In Nocturnal, Lindberg concentrates on English repertoire from the late 16th century. There’s a lot to choose from, so he focuses on works that “evoke aspects of the night.” The centerpiece of the album is Benjamin Britten’s 20th-century Nocturnal, after John Dowland, op. 70. It was originally written for guitarist Julian Bream but obviously inspired by the great Elizabethan lutenists, of whom Dowland may have been the greatest. So: first a few bits of the old music, beginning with Anthony Holborne’s The Honeysuckle (“a plant with flowers that perfume the evening air”):

and his Countess of Pembroke’s Paradise:

Lindberg tells us that Mary Sidney, wife of Henry Herbert, second Earl of Pembroke, was a poet and patroness of poets including Michael Drayton, Ben Johnson, and Samuel Danyel. Danyel’s younger brother John published a book of lute songs in 1606, setting many of Samuel’s poems to music. And: John’s Mrs. Anne Grene her Leaves be Green, a set of variations on a favorite English song, is track 9 in Lindberg’s album. I mention all this to give you a better idea of the riches within, including Lindberg’s colorful, information-laden booklet notes. Here’s one more music snippet, The Flowers of the Forest, an anonymous work from an early-17th-century mandora manuscript:

Britten’s Nocturnal consists of eight numbered sections and lasts nearly 18 minutes; it ends with his sublime transcription of Dowland’s Come Heavy Sleep. I’m only going to play you a bit of the first section, entitled musingly:

Section eight is a Passacaglia that leads seamlessly into the Dowland transcription. If you watch the entirety of the YouTube clip below, you’ll hear both Passacaglia and Dowland. And yes, that is Julian Bream, likely the greatest classical guitarist of the latter 20th century. When you hear Lindberg’s new lute setting, however, you’ll hear another great performance, brimming with even more timbral variety than Bream brought to it. Lindberg rounds off his album with six Dowland settings—including the rarely performed Galliard to Lachrimae—and three works by the slightly older John Johnson. A must-have.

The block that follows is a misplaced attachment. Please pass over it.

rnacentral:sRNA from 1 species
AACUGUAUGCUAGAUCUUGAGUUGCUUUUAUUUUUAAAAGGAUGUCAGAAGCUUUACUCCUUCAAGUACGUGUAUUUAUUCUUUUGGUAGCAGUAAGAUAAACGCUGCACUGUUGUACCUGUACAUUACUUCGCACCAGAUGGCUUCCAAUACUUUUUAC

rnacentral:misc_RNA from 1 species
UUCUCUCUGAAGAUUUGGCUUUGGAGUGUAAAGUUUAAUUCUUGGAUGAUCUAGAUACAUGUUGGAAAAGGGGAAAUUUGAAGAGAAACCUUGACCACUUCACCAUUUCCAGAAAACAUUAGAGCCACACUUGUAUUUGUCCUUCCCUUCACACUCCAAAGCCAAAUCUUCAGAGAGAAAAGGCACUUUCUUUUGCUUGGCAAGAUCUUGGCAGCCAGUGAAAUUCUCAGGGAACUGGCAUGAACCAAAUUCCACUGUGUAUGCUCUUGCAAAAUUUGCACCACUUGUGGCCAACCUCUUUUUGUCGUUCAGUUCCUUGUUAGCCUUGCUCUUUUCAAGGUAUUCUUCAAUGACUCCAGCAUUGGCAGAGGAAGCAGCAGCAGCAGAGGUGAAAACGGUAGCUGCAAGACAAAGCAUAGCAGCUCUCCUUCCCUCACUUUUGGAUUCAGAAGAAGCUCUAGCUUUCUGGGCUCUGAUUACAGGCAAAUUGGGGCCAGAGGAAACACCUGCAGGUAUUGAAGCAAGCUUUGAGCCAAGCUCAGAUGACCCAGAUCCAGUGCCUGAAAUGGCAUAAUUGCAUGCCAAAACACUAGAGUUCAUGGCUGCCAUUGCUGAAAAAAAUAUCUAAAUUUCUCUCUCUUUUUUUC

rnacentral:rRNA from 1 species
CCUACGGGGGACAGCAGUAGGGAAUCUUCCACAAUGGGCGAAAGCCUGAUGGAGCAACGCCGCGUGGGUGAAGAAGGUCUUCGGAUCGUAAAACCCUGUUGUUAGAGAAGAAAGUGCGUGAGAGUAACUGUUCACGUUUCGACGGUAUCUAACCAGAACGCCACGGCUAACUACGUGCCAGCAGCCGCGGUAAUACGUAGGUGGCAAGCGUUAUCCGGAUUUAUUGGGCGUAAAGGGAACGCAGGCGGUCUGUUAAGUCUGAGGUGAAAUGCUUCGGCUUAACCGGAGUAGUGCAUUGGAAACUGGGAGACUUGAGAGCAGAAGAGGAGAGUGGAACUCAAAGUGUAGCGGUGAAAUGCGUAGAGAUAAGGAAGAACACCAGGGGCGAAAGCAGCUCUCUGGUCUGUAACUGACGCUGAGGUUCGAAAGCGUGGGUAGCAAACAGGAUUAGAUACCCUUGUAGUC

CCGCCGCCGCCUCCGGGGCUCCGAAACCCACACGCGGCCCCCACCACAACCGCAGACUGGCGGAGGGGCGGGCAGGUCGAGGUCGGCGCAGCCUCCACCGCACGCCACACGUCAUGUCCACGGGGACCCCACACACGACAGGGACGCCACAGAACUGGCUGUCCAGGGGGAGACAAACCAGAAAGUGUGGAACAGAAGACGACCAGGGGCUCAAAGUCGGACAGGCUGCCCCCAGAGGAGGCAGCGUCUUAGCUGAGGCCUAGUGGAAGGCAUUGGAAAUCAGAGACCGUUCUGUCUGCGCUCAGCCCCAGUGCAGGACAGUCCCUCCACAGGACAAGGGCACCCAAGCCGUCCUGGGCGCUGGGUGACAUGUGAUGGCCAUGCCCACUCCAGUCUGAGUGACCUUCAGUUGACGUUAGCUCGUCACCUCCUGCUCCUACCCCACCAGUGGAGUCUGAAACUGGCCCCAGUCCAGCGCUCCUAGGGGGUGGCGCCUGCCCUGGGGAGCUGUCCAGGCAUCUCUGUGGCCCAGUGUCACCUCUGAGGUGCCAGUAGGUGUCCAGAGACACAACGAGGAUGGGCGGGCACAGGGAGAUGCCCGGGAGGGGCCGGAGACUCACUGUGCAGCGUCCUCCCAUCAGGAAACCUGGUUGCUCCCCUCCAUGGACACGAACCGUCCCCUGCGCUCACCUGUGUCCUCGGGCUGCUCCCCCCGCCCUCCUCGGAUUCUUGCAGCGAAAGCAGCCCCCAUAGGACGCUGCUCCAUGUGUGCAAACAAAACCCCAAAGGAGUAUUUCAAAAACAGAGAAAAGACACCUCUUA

If you simply must have more, I recommend either of these albums: (1) A Lute by Sixtus Rauwolf, also from Lindberg (BIS-2265), who plays a wondrously restored late-16th-century instrument to good effect in music by Dufault, Mouton, Kellner, Weiss, and “Mr. Pachelbel”—outstanding French and German Baroque suites, i.e., many preludes and dances; or (2) Ferdinand Fischer: From Heaven on Earth. Lute Music from Kremsmünster Abbey (Challenge Classics CC72740), in which Hubert Hoffmann, distinguished lutenist of Ars Antique Austria, rescues from oblivion the music of Fr. Fischer (=Pecheur; 1652–1725), a humble monk who was not only one heck of a lute player but also composed music of remarkable panache, drawing heavily on French models. So, three more suites consisting of short but flavorful preludes and dances. Nice booklet notes by Hoffmann and scholar Rudolf Flotzinger; a Turtle Music release from master producer/engineer Bert van der Wolf. I leave you with bits of three tracks, a Prelude, Aria, and Sarabande from Fischer’s Partita in D Minor: